AS Nigeria marks the Global Handwashing Day, WaterAid Nigeria has stated that the financing challenges plaguing Nigeria’s WASH sector and based on research and analysis, estimates the total cost of achieving SDG6 in Nigeria to be US$2.1 billion a year in capital, operations, and maintenance.
Speaking during a workshop to mark the occasion of the Global Hand Washing in Abuja on Thursday, the WaterAid Nigeria Country Director, Evelyn Mere, said investing in soap and water is a clear ‘no regrets’ investment, in homes, health care facilities and in schools.
According to her, Covid recovery and the preparedness for future pandemics cannot happen without it, saying smart choices made by governments could play a vital role in ensuring a prosperous future, a healthier population, and a functioning society.
The Organisation also said just 10 days of smartphone sales would cover the $11billion cost of ensuring everyone in the poorest countries could wash their hands with soap and water at home by 2030, WaterAid.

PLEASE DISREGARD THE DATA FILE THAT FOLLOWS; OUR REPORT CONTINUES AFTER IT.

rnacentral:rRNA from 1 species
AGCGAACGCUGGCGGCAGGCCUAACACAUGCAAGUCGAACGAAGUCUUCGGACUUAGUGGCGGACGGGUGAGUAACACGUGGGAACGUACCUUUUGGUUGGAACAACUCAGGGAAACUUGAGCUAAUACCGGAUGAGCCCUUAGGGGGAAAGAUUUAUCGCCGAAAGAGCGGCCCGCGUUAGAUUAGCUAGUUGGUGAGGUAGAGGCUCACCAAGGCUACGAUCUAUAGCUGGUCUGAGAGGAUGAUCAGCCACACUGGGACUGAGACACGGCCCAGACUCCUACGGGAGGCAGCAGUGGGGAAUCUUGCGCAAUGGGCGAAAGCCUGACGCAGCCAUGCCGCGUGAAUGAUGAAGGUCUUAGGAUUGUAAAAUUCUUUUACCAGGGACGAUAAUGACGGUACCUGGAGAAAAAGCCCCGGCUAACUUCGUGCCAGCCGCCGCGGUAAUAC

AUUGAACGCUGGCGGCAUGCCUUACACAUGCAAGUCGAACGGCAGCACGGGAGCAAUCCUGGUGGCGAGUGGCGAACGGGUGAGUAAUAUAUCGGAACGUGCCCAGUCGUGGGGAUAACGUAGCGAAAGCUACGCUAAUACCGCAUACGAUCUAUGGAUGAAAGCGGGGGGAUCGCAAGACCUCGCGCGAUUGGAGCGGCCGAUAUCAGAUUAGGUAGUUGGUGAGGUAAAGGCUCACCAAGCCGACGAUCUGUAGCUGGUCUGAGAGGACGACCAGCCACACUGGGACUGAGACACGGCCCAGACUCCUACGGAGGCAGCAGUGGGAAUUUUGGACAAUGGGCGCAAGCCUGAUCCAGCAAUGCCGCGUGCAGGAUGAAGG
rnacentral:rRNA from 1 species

A new report by WHO and UNICEF, released on Global Handwashing Day, reveals that giving everyone in the world’s poorest countries access to handwashing with soap and water, would cost around $11 billion. That would transform the life-chances of people who are currently unable to simply wash their hands at home.
Millions of lives could be saved and billions of dollars in untapped economic potential could be unlocked for the equivalent of just $1.40 per head of the global population, says WaterAid.
As G20 leaders prepare to gather in Rome to improve pandemic preparedness, WaterAid warns that government investment must be made to provide handwashing for all as it plays a critical role in the fight against preventable diarrhoeal diseases and respiratory infections.
According to latest estimates from WHO and UNICEF, three in 10 people worldwide cannot wash their hands with soap and water at home, and at current rates of progress, 1.9 billion people, families and children will still be unable to do by 2030.
WaterAid’s own recent analysis in its Mission Critical report, concluded that trillions of dollars could be unlocked over the next two decades through universal access to water, sanitation and hygiene. Achieving this could generate a net benefit of $45bn per year, and even just providing a tap in every household could yield $37bn USD annually.